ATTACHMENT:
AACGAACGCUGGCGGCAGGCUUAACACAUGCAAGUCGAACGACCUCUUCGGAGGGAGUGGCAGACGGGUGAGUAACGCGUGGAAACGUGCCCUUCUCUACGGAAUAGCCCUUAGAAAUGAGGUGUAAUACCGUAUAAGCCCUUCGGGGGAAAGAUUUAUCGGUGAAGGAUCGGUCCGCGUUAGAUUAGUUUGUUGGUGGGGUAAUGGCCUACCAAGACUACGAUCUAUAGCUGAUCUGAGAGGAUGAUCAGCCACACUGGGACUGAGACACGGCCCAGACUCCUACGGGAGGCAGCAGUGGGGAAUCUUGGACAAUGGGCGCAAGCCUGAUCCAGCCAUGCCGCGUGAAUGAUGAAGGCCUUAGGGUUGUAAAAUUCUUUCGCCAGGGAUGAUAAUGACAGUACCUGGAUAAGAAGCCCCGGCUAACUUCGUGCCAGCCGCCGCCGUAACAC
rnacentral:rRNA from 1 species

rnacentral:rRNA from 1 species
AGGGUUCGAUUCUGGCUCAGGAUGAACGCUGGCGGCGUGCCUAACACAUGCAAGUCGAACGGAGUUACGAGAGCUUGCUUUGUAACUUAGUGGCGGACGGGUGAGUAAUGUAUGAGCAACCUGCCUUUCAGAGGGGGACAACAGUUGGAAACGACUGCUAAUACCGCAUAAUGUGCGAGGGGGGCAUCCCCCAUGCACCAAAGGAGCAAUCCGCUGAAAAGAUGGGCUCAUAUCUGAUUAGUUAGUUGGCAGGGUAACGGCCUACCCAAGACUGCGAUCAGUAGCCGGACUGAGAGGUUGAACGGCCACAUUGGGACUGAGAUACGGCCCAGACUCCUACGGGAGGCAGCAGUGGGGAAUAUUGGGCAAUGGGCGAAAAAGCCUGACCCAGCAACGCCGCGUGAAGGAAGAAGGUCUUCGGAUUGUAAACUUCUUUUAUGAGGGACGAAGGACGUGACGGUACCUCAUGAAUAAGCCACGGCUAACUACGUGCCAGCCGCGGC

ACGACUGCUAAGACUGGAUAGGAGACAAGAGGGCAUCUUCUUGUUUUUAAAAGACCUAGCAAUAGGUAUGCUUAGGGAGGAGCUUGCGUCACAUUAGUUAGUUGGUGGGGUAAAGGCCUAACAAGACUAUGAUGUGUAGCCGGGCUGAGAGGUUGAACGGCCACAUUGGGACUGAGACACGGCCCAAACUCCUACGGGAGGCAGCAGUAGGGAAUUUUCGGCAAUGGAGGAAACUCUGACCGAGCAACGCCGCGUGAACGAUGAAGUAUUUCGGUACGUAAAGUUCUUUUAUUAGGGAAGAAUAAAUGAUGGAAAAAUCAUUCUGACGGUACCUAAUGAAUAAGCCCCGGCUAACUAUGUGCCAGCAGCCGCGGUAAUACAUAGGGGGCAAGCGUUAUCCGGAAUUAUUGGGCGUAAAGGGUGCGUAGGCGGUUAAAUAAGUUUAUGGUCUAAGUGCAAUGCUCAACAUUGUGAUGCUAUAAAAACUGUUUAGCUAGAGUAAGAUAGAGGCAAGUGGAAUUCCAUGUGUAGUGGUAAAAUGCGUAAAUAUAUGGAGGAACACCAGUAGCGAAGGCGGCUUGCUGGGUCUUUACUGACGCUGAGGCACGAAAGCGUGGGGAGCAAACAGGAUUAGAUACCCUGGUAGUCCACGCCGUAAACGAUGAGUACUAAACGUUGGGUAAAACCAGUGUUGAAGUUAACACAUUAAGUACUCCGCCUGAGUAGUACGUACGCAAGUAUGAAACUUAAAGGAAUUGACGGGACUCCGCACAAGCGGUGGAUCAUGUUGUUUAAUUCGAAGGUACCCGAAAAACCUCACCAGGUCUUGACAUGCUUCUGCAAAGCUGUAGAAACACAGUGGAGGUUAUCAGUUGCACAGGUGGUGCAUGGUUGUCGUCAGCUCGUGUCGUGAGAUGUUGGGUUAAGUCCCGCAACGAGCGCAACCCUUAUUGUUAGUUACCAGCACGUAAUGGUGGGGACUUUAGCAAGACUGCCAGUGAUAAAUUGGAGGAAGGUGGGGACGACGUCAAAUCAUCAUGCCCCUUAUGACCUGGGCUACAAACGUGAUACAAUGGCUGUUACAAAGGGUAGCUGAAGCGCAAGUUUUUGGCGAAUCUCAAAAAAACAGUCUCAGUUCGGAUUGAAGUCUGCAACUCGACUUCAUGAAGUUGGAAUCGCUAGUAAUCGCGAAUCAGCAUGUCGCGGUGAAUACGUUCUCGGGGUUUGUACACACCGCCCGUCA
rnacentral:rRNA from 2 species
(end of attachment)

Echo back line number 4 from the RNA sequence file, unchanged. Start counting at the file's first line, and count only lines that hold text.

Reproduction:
AGGGUUCGAUUCUGGCUCAGGAUGAACGCUGGCGGCGUGCCUAACACAUGCAAGUCGAACGGAGUUACGAGAGCUUGCUUUGUAACUUAGUGGCGGACGGGUGAGUAAUGUAUGAGCAACCUGCCUUUCAGAGGGGGACAACAGUUGGAAACGACUGCUAAUACCGCAUAAUGUGCGAGGGGGGCAUCCCCCAUGCACCAAAGGAGCAAUCCGCUGAAAAGAUGGGCUCAUAUCUGAUUAGUUAGUUGGCAGGGUAACGGCCUACCCAAGACUGCGAUCAGUAGCCGGACUGAGAGGUUGAACGGCCACAUUGGGACUGAGAUACGGCCCAGACUCCUACGGGAGGCAGCAGUGGGGAAUAUUGGGCAAUGGGCGAAAAAGCCUGACCCAGCAACGCCGCGUGAAGGAAGAAGGUCUUCGGAUUGUAAACUUCUUUUAUGAGGGACGAAGGACGUGACGGUACCUCAUGAAUAAGCCACGGCUAACUACGUGCCAGCCGCGGC